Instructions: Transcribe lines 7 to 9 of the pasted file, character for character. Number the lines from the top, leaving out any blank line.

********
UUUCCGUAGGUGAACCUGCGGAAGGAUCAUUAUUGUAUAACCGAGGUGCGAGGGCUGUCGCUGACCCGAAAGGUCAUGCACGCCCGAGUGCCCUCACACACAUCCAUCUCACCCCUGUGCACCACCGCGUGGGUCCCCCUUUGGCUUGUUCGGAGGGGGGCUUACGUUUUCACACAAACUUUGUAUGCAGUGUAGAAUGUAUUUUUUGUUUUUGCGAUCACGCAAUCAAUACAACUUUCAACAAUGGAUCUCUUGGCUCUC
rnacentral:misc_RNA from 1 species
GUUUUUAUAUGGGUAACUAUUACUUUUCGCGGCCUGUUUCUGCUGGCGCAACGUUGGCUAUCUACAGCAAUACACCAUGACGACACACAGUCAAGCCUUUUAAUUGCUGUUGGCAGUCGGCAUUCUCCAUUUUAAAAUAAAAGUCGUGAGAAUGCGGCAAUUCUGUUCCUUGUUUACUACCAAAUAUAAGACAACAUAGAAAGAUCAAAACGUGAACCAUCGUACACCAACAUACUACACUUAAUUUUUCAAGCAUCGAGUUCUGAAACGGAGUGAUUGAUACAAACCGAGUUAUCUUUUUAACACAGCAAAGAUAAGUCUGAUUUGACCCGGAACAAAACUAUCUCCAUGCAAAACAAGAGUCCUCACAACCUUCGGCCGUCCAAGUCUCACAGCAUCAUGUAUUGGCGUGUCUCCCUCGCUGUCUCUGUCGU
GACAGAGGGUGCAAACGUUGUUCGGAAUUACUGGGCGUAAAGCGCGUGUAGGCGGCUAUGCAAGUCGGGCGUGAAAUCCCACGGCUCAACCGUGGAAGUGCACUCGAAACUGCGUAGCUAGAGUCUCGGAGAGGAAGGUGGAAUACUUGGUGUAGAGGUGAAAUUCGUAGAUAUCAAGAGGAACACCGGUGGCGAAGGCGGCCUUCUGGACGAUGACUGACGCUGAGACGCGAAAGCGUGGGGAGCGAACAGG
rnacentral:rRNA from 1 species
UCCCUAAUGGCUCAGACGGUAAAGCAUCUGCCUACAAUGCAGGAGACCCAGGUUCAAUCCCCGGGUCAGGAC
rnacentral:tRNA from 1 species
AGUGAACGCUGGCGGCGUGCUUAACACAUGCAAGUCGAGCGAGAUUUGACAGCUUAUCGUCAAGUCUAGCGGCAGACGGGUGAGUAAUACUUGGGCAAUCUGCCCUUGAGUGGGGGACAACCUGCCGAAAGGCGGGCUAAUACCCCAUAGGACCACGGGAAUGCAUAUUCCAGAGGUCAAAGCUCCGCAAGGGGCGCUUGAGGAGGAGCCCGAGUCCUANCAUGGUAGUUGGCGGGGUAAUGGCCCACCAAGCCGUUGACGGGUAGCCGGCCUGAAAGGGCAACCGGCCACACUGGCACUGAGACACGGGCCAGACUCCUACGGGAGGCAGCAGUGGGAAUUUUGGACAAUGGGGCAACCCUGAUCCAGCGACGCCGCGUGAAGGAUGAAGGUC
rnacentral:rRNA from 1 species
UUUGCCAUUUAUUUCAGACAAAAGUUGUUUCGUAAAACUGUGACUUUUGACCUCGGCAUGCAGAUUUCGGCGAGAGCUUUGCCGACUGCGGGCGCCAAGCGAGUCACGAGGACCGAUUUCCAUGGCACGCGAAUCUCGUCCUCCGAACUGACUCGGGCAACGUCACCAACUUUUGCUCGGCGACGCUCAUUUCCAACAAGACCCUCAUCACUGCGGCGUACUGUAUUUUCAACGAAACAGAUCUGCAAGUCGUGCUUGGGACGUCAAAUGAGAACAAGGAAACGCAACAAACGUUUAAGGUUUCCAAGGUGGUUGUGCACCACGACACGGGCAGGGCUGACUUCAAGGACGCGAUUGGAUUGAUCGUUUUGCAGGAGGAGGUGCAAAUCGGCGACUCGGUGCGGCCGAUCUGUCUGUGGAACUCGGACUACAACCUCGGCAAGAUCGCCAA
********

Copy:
rnacentral:tRNA from 1 species
AGUGAACGCUGGCGGCGUGCUUAACACAUGCAAGUCGAGCGAGAUUUGACAGCUUAUCGUCAAGUCUAGCGGCAGACGGGUGAGUAAUACUUGGGCAAUCUGCCCUUGAGUGGGGGACAACCUGCCGAAAGGCGGGCUAAUACCCCAUAGGACCACGGGAAUGCAUAUUCCAGAGGUCAAAGCUCCGCAAGGGGCGCUUGAGGAGGAGCCCGAGUCCUANCAUGGUAGUUGGCGGGGUAAUGGCCCACCAAGCCGUUGACGGGUAGCCGGCCUGAAAGGGCAACCGGCCACACUGGCACUGAGACACGGGCCAGACUCCUACGGGAGGCAGCAGUGGGAAUUUUGGACAAUGGGGCAACCCUGAUCCAGCGACGCCGCGUGAAGGAUGAAGGUC
rnacentral:rRNA from 1 species